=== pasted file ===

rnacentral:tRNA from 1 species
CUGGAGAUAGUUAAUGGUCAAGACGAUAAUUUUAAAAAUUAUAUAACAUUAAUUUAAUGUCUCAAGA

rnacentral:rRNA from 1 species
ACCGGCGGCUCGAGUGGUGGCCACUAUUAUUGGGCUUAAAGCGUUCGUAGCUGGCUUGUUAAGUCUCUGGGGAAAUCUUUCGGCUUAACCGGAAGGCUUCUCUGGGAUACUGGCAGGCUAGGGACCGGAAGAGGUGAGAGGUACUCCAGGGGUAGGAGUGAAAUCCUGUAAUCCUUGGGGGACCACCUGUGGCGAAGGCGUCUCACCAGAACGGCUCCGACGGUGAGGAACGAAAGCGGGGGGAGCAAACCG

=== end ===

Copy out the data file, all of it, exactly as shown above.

rnacentral:tRNA from 1 species
CUGGAGAUAGUUAAUGGUCAAGACGAUAAUUUUAAAAAUUAUAUAACAUUAAUUUAAUGUCUCAAGA

rnacentral:rRNA from 1 species
ACCGGCGGCUCGAGUGGUGGCCACUAUUAUUGGGCUUAAAGCGUUCGUAGCUGGCUUGUUAAGUCUCUGGGGAAAUCUUUCGGCUUAACCGGAAGGCUUCUCUGGGAUACUGGCAGGCUAGGGACCGGAAGAGGUGAGAGGUACUCCAGGGGUAGGAGUGAAAUCCUGUAAUCCUUGGGGGACCACCUGUGGCGAAGGCGUCUCACCAGAACGGCUCCGACGGUGAGGAACGAAAGCGGGGGGAGCAAACCG